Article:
March has been an interesting month for macroeconomic policy and, as a result, income investors have some further issues to consider when looking where to invest their money.
In the UK, chancellor of the exchequer George Osborne produced his last Budget statement before the general election in May, with few major surprises but some interesting tweaking around the edges.
In a continuation of the changes to the pension system, the chancellor announced a reduction in the lifetime allowance from £1.25m to £1m. Investors with pension pots above this level will no longer be eligible for tax relief.
Another change to the pension system will be the ability from April 2016 for existing annuity holders to “assign their annuity to a third party in return for a lump sum”. According to the Budget report, this can either be taken directly or transferred to an “alternative retirement income product”.
The exact details of how this will work are still to be decided, but this could provide a further boost for income products of all types, including the spate of multi-asset income vehicles that have seen a surge in interest since the retirement freedoms were first announced in March 2014.
Elsewhere, income investors with a focus on social or impact investing will have the option to invest in what the Budget report calls “social venture capital trusts” (social VCTs).
These will benefit from income tax relief of 30 per cent, and investors will pay no tax on dividends received from a social VCT or capital gains tax on disposals of shares.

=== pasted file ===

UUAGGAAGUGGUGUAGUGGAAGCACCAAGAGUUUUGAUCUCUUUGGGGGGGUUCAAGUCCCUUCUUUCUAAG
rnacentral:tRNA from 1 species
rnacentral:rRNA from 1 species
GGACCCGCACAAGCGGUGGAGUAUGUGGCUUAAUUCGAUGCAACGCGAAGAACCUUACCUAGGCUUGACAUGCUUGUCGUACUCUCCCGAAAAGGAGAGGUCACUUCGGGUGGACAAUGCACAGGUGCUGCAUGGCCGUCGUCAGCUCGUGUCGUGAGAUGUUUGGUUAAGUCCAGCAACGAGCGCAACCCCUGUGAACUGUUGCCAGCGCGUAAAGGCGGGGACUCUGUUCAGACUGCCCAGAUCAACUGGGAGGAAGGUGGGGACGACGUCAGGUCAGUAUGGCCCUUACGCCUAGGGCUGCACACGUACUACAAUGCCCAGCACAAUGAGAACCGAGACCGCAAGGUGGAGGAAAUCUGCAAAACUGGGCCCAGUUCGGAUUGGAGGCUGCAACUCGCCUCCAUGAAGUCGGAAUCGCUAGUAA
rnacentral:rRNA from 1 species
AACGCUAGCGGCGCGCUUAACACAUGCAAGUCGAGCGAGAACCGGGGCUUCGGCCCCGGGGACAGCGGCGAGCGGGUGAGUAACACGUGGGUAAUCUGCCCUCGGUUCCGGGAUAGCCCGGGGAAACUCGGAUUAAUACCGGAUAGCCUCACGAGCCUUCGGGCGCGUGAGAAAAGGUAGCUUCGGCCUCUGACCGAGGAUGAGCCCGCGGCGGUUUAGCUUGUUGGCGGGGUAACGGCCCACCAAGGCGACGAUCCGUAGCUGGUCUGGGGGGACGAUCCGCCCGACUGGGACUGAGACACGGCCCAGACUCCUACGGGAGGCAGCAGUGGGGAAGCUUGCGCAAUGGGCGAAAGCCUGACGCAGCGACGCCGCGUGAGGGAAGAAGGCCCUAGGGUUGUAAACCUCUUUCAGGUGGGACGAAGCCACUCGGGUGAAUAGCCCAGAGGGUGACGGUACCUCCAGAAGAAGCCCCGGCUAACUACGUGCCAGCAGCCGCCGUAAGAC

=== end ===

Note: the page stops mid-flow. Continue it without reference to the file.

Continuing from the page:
Further details on how these will work will appear “in a future Finance Bill”.
On the other side of the Atlantic, meanwhile, the Federal Reserve removed the word ‘patient’ from its monthly monetary policy statement, opening the door for an interest rate hike some time this year.
That said, the 12-strong Federal Open Market Committee anticipates it will be appropriate “to raise the target range for the federal funds rate when it has seen further improvement in the labour market and is reasonably confident that inflation will move back to its 2 per cent objective over the medium term”.
This continued emphasis on the data aspect of the economy has pushed back expectations of a rate hike from June to September or October, with some commentators predicting there will be two interest rate rises by the end of the year.
With macroeconomic policy remaining on the cautious side as far as the US is concerned, and with Europe and Japan among those willing to pump more money into the system, it appears that income investors will continue to have to dig deep to find the best opportunities.
Nyree Stewart is features editor at Investment Adviser